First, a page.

Mary - "Queen of Heaven"
Madonna sculpture from the Middle Ages with an unusual headdress.
When cataloguing all the museum’s painted medieval sculptures some years ago, I came across a sculpture that challenged both my imagination and knowledge. I refer to a Madonna figure from Lisleherad Church in Telemark that came into the possession of the museum in 1878. The old church had been demolished in 1873, and a new church built. A local farmer had taken care of the Madonna, and later the parish priest ensured that it was sent to the University of Oslo’s collection of national antiquities in Christiania (C8737).
The sculpture is 71 cm high, and stands on a small base. The Madonna is in reasonably good condition, apart from the top part of the crown. The original gold and red pigments are fairly well preserved; the remainder of the damaged crown has been silvered. Based on the type, pose and folded drapery, the Madonna can be dated to the early 1500s. We do not know with any certainty whether she was carved in Norway or imported. However, we can clearly see that once she was the object of particular attention!
The gilding and colours emerge
1n 1878, the Madonna looked very different – she had been painted over and had a large, solid object on her head. This has some carved decoration but looks completely different from the elegant crowns that otherwise decorate late medieval Madonna sculptures.
In 1930, the overpainting was removed so that the gilding and the original colours emerged. Description prior to the removal of the overpainting:
“…the dress was black, the mantle green with light red for …. the crown, which is new (from the 18th century?), is rosemalt in green, gold, red, white.”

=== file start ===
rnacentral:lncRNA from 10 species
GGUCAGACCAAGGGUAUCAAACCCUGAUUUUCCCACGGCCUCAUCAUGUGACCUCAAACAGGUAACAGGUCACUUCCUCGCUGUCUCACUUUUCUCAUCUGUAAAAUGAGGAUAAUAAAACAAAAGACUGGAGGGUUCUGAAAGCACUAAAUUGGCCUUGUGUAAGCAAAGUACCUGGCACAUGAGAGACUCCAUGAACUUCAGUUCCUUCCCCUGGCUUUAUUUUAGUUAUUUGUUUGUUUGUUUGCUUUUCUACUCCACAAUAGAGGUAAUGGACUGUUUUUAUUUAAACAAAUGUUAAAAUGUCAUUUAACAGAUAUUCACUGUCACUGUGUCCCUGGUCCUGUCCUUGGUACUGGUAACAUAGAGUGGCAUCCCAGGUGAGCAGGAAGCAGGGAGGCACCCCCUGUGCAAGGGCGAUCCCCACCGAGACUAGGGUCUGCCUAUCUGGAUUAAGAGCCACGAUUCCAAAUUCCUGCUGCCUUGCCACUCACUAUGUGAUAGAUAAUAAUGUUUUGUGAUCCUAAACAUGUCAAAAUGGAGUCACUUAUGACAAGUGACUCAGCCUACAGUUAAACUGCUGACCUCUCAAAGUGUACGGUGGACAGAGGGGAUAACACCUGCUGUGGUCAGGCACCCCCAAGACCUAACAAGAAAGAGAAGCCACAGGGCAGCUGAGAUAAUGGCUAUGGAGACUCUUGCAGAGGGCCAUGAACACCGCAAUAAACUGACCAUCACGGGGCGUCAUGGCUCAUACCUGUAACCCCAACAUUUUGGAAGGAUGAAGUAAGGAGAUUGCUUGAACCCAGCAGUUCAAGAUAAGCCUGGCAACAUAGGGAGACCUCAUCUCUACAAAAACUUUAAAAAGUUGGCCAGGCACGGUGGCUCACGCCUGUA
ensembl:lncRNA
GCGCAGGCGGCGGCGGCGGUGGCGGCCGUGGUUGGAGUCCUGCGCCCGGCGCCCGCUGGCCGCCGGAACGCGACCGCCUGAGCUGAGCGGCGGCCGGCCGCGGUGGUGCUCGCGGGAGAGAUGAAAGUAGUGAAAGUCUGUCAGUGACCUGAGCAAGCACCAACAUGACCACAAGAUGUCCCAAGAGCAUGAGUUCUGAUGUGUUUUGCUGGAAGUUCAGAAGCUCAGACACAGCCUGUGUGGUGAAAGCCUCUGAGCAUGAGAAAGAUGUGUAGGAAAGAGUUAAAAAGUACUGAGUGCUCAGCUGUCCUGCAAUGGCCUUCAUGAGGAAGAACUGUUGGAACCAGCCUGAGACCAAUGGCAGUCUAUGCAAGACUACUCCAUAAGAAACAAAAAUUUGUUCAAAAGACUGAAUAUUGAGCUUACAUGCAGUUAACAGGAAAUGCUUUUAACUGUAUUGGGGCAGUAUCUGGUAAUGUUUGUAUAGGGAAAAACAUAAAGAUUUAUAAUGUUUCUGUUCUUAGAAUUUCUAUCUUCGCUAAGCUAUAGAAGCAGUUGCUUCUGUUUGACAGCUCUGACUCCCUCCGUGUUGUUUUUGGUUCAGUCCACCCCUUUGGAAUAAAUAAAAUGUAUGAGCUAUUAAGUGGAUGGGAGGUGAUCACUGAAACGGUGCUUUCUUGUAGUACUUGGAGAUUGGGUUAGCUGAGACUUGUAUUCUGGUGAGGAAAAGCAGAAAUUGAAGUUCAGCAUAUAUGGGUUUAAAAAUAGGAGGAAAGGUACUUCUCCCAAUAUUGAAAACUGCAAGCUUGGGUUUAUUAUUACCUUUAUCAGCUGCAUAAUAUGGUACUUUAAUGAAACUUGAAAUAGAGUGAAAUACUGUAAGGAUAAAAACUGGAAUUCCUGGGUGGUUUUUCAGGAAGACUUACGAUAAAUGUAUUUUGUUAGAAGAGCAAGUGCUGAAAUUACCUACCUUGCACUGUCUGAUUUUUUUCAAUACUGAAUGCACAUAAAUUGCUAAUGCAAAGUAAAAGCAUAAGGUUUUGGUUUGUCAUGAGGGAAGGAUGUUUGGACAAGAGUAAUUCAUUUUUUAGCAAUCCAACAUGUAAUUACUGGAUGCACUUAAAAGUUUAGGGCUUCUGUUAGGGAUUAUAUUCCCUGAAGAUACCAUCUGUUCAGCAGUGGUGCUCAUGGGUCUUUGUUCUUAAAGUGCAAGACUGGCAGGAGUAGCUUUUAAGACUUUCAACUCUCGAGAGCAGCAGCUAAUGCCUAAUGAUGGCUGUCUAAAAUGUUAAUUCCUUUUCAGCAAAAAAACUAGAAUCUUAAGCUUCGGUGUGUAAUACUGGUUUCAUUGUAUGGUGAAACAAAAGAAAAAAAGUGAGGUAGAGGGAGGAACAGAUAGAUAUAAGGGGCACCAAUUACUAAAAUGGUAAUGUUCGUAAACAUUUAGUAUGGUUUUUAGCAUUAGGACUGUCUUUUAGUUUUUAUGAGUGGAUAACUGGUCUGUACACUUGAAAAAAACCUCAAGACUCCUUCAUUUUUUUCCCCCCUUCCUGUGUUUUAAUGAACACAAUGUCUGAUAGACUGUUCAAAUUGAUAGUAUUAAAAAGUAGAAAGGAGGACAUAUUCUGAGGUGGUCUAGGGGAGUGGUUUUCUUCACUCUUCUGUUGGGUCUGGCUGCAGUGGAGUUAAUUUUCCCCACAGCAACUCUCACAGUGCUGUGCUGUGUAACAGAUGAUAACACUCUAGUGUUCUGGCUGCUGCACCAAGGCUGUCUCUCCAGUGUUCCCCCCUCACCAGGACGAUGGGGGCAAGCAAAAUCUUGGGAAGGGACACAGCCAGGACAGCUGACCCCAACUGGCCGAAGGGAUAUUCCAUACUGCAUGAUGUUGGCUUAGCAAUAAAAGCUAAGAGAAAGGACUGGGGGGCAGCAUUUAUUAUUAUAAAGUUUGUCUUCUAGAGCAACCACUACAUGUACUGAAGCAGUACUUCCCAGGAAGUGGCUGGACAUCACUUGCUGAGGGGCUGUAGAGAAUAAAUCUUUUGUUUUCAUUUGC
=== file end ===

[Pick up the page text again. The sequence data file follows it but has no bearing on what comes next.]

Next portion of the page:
“Queen of Heaven”
The crown as a symbol of dignity was adopted in artistic representations of Mary and was a typical Marian symbol. In the late Middle Ages we also find paintings showing Mary being crowned by Christ and God the Father: she was “Queen of Heaven”.
Crowns also appear in secular contexts, for example when a bride is presented in all her finery wearing a crown. We are familiar with this from Norwegian folk culture in which the “bridal crown” is a common motif as part of the bridal costume. Some researchers believe that this tradition has a long history.
In documentation of Norwegian folk costumes, we also find another headdress for brides, the so-called bridal circlet (fillet) or bridal lad. The lad headdress appears in different variations, often as a large cylinder encircling the head, open at the back and decorated with ribbons and textiles, sometimes also with gold and silverwork. With a little imagination the Lisleherad object could be regarded as a bridal lad, replacing the crown on the Madonna figure.
Traces of a Catholic mindset?
If we accept this as being a bridal lad, new questions arise. What kind of ideas lie behind this? Why has someone deliberately cut away the upper part of the original crown in order to make room for this new object? Does the reconstruction mean anything?
Are these trace of the Roman Catholic mindset of the Middle Ages in Protestant Norway, revealing underlying thoughts of Mary and her queenly crown? Many Madonna sculptures, both with and without a crown, are preserved in churches. Congregations seem to have retained a special emotional tie to Mary even after the Reformation, although her place in the liturgy had changed: “The coronation of Mary” is no longer a common artistic motif. No one mentions bridal symbolism such as “Queen of Heaven” or “Bride of Christ” any longer.
Or is it more likely that the figure had simply been somewhat damaged and in need of restoration. This simple explanation is reinforced by an examination of her right hand, which appears to have been broken off. At some point in time it has been refastened by means of a wooden plug, a dowel pin, in exactly the same as way as the lad is fastened to the head. The restoration, or reconstruction of old objects in churches was not unusual in the 1700s.
The Madonna figure from Lisleherad, with the overpainting removed and with the lad headdress, tells us a little about the course of history and about people’s relationship to medieval church art, and enhances our knowledge of that era.
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